”Too-Good to Be True” Innovation Advice

I’ve watched a number of online webinars and conferences here in Sweden over the last year focusing on change and innovation. At a number of them, an academic researcher from one of Sweden’s largest universities has held talks where the main takeaway recommendation to mostly busy, somewhat frustrated public service participants is that while innovation is challenging or even hard, the best way to start innovating is to spend one hour per week focusing on innovation at your workplace.

One hour per week? Think about it: your organization faces major changes and challenges: technology, globalization, changing demographics, climate change, to name a few. Most organizations change very slowly for a lot of different reasons. Shifting the direction of big ships, let alone small ones, is not for the faint hearted. Leaders have to balance the longer-term goals with day-to-day experiences with a lot of ups-and-downs that come with any change process. Imagine if you could do all of that by innovating for only one hour per week! If it sounds too good to be true, it probably is.

Innovation and change take time, discipline, and resilience. It can be tough and messy but also engaging and energizing. In reality, when you’re in the nitty-gritty there are a lot of both technical but mostly human issues you need to work through, with your customers and co-workers. For many, it is the most fun and rewarding work possible.

And based on my long, non-academic experience, it is impossible to do this successfully with any measurable impact or improvement by spending one hour per week doing it. Remember Malcolm Gladwell’s hypothesis that it takes 10,000 hours to become an expert? By spending an hour per week on innovation you would become an Gladwellian expert in innovation in about 20–25 years, just in time for retirement.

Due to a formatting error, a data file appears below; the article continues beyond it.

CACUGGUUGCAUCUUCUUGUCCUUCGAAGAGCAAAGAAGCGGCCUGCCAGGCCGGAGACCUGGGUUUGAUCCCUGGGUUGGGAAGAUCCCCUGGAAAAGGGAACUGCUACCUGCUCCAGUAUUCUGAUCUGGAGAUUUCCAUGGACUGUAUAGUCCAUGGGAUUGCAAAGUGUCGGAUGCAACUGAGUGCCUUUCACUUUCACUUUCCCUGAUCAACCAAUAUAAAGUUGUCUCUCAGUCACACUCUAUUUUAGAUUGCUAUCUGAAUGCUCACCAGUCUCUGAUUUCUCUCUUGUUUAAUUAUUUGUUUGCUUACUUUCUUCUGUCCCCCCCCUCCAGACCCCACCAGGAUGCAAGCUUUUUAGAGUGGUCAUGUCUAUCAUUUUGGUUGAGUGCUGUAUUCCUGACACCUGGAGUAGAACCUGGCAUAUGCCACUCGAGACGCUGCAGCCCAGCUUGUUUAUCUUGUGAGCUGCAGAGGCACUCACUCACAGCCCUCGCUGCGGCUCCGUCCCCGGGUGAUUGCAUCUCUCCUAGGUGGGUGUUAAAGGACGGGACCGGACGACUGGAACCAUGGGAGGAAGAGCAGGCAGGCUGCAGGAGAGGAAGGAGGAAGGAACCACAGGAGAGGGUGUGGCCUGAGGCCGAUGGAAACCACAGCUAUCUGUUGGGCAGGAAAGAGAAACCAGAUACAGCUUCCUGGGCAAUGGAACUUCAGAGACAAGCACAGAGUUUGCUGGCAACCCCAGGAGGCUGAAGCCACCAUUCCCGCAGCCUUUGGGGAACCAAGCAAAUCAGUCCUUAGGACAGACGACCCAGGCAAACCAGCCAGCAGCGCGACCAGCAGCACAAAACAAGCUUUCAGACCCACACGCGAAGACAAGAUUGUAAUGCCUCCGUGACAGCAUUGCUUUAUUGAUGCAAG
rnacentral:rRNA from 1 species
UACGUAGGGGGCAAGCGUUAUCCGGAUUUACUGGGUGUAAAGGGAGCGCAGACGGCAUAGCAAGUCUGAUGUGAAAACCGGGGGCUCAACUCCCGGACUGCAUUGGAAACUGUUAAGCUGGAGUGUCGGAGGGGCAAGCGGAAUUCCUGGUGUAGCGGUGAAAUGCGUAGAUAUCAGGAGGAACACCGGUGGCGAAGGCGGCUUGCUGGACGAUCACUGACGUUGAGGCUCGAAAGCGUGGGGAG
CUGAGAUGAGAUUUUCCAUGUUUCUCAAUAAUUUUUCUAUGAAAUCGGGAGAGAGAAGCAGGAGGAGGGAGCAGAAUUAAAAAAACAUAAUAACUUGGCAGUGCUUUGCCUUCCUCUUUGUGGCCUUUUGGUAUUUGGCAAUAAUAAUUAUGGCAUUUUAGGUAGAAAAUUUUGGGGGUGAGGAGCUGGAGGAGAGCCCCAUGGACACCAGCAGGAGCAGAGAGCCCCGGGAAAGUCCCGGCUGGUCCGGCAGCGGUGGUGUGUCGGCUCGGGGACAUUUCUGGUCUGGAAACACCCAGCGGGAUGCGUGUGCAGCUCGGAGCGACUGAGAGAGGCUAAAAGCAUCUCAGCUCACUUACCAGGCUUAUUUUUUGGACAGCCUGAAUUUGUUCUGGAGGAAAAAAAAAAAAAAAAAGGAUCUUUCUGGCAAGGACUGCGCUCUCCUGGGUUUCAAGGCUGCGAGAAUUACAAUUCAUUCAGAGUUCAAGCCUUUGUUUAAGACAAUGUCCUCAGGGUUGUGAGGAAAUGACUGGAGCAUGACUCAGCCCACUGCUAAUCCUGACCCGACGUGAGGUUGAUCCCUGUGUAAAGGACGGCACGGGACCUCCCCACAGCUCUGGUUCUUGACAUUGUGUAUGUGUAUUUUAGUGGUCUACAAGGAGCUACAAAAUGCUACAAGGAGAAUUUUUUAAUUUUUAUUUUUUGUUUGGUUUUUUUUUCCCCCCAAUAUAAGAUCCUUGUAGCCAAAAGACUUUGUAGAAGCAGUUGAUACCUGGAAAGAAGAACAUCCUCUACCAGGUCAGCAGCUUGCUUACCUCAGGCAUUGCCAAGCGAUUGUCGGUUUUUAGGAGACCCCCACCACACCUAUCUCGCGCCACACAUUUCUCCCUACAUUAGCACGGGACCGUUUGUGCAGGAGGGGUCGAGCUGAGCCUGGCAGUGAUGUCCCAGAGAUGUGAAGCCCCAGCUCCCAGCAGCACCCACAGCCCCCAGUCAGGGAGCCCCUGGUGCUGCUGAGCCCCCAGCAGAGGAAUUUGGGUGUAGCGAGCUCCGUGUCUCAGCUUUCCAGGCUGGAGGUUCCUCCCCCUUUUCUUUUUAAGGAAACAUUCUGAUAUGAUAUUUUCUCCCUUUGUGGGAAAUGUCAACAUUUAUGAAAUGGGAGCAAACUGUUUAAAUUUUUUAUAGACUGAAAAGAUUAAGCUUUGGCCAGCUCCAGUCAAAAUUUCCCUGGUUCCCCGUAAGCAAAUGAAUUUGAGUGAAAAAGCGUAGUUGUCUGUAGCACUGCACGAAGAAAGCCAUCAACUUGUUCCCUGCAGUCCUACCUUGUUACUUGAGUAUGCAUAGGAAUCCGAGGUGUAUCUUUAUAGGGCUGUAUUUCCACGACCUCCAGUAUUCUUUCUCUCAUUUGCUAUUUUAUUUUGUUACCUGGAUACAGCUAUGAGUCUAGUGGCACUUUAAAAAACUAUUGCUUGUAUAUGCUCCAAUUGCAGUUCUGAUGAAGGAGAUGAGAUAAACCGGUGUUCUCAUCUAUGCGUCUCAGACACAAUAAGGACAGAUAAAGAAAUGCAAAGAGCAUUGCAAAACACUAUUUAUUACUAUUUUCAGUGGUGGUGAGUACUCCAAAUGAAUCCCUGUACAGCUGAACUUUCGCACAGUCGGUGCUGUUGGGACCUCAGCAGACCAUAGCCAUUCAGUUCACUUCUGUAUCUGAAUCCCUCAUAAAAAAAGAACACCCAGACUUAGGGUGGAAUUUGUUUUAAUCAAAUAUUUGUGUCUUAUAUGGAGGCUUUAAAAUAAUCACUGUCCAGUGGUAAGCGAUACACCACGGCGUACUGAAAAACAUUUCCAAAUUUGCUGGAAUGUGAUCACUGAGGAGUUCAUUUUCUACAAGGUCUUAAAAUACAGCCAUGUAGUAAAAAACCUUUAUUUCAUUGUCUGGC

The one hour per week innovation advice reminds of a ridiculous gym called Slender You that was popular in the U.S. in the 90’s and early 2000s. You didn’t actually exercise; you lay on tables that moved your body. Passive exercise for people who didn’t like to sweat or, you know, exercise. Of course, it didn’t make people healthier or slenderer.

Think about the amount of time one hour per week: you spend more time drinking coffee at work than that. You spend many more times that sitting in meetings of questionable importance. You might spend the same amount of time per week brushing your teeth, which is very, very important and is also something that you have to spend absolutely no mental energy doing.

Imagine I told you that you could get six-pack abs working out only one hour per week. Imagine I told you that you could retire comfortably at 50 by spending one-hour a week planning your financial future. Imagine I told you that you could write a successful novel by only writing one hour per week. If I recommended any of those, I would expect you to laugh loudly in my face.

I doubt that the expert suggesting this spends only an hour per week on things that they think are important, like research, preparing for classes, or writing books and articles. I am sure they spend many times more hours doing these important things.

Innovation and change take discipline, effort, diligence and resilience. If it were really easy, everyone would be doing it all the time, but it’s not and we don’t. And yet, it really is worth the time and energy we put into it: it makes our world better and it makes us better.

2000 years ago, Virgil wrote in the Aeneid “Timeo Danaos et dona ferentes” — Beware of Romans bearing gifts. It was the moral of the Trojan Horse. Today, we should be aware of experts offering innovation miracle cures and short-cuts. They don’t work.

Caveat emptor.

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Rich Nadworny

Rich Nadworny

1.3K Followers

Innovation Lead at Hello Future, focusing on design thinking, innovation and change. Vermonter in exile in Sweden.